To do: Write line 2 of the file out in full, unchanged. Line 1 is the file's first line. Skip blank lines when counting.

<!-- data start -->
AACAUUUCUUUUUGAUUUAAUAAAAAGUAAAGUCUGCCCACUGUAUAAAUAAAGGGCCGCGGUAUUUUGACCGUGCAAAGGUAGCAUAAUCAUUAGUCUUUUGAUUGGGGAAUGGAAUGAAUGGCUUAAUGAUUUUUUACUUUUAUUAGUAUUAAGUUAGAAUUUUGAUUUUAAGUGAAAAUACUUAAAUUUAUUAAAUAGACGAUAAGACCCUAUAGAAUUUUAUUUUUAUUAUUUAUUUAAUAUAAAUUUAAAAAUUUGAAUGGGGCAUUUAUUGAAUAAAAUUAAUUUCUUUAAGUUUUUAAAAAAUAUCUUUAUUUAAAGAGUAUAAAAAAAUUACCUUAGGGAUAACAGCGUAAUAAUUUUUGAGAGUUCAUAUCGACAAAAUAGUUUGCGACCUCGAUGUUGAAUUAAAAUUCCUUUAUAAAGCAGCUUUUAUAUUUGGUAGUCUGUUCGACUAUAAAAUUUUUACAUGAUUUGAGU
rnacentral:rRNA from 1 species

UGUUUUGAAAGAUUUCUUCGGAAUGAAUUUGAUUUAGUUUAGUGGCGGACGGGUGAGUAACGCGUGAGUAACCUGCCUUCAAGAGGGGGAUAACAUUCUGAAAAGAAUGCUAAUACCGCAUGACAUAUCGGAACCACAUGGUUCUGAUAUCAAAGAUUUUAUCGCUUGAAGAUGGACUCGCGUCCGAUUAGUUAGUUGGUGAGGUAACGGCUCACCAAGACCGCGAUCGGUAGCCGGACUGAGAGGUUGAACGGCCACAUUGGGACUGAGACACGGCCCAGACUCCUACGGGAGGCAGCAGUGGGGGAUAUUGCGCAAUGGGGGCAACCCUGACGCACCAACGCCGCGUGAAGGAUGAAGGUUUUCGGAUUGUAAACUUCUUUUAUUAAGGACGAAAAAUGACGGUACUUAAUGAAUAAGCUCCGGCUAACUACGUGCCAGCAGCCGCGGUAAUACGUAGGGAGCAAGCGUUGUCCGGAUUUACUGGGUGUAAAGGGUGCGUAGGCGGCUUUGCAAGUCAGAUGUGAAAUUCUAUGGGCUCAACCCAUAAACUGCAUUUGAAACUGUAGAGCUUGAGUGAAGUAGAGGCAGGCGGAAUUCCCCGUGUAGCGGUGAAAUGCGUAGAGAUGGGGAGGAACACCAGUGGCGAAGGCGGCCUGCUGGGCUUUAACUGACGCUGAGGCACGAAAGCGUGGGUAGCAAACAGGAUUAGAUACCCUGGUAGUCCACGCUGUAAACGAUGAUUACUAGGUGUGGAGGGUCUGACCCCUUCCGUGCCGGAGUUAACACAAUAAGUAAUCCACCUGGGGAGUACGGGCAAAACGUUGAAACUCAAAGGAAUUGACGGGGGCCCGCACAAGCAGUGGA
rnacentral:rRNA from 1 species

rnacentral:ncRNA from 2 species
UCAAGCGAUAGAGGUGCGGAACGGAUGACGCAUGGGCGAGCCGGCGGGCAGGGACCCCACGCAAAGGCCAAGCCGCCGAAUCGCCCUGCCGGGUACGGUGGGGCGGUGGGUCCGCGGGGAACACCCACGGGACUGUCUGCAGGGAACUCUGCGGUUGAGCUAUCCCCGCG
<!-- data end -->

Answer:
rnacentral:rRNA from 1 species